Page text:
Kyowa Kirin’s 2030 vision is rooted in being a more patient-centric company – where employees are encouraged to constantly consider what impact they, or their decisions can have, on patients. Patient advocacy activities create a direct channel for engaging with patient communities and gaining patient insights. These concepts are not well known in Japan, so we discussed specific examples of patient advocacy, and their significance, in North America.
Lauren Walrath, MBA
Vice President, Public Affairs, Kyowa Kirin North America (hereafter referred to as KKNA)
After launching new products and digital services for Fortune 200 companies, Lauren channeled her passion for biopharma corporate communications and advocacy into senior roles at several US healthcare companies before joining KKNA in 2019.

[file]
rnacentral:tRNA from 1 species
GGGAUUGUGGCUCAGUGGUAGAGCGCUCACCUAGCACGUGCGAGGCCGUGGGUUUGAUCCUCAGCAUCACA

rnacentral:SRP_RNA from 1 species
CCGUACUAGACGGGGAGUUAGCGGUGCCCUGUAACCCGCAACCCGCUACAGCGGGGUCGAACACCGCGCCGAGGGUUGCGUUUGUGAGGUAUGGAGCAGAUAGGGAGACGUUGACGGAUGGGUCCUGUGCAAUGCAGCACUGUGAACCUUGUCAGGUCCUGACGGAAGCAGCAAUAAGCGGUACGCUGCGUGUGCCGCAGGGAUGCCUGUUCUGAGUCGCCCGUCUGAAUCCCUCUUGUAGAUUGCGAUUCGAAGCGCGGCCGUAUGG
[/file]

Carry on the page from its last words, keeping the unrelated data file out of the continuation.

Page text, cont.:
Patient advocacy creates direct channels for engaging with patients
–What is Patient Advocacy?
LaurenPatient advocacy promotes better awareness, understanding and care for patients living with a disease through active dialogue and collaborations among patients, doctors, policy makers and pharmaceutical companies. It is a big idea that differs in different markets.
Patient advocacy gained ground in the United States and Europe when determined patient efforts to raise awareness of HIV, ensure sufficient funding for new treatments, encourage non-discriminatory policy, and educate healthcare systems proved how an entire community working together could reshape the landscape – delivering new treatment options and significant improvements in patient care and outcomes.